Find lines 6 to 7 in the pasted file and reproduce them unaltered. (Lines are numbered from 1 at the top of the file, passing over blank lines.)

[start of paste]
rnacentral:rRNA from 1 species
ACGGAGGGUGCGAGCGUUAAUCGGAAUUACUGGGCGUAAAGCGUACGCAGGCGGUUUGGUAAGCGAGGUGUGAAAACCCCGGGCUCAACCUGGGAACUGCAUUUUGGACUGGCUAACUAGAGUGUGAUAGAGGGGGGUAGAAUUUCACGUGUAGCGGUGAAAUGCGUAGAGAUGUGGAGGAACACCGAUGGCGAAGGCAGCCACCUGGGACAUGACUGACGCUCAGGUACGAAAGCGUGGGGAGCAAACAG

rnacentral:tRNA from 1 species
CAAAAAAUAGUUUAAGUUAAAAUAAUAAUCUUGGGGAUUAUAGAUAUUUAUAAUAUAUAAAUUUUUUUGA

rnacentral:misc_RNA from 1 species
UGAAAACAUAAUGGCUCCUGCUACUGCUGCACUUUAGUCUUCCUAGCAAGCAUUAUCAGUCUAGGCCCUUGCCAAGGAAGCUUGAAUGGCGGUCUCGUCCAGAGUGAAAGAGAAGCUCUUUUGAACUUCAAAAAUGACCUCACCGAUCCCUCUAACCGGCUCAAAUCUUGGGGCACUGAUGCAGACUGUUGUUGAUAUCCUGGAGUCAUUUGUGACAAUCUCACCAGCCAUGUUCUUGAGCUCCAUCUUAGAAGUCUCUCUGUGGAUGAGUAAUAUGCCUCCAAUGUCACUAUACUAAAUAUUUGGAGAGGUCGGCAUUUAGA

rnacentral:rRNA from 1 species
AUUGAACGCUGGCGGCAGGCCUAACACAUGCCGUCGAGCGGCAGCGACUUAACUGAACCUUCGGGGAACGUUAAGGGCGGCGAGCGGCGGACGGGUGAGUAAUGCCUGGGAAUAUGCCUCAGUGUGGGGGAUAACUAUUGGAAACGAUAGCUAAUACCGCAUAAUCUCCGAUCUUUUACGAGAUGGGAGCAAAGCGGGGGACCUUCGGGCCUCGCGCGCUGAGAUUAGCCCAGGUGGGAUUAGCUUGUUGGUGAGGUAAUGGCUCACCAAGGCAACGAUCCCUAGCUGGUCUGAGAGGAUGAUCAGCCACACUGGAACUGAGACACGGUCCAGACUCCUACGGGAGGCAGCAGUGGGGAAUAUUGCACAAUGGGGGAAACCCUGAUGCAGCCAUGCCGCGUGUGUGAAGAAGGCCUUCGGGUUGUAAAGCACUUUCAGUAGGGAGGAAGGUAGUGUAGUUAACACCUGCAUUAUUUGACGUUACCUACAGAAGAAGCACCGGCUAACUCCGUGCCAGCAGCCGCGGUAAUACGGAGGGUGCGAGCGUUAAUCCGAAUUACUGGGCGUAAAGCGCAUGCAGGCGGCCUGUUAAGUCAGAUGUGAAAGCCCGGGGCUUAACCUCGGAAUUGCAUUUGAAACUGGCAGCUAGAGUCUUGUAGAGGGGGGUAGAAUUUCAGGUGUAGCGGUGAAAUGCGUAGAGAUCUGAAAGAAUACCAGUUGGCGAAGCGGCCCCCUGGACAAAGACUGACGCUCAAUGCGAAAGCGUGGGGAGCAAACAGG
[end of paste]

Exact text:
UGAAAACAUAAUGGCUCCUGCUACUGCUGCACUUUAGUCUUCCUAGCAAGCAUUAUCAGUCUAGGCCCUUGCCAAGGAAGCUUGAAUGGCGGUCUCGUCCAGAGUGAAAGAGAAGCUCUUUUGAACUUCAAAAAUGACCUCACCGAUCCCUCUAACCGGCUCAAAUCUUGGGGCACUGAUGCAGACUGUUGUUGAUAUCCUGGAGUCAUUUGUGACAAUCUCACCAGCCAUGUUCUUGAGCUCCAUCUUAGAAGUCUCUCUGUGGAUGAGUAAUAUGCCUCCAAUGUCACUAUACUAAAUAUUUGGAGAGGUCGGCAUUUAGA

rnacentral:rRNA from 1 species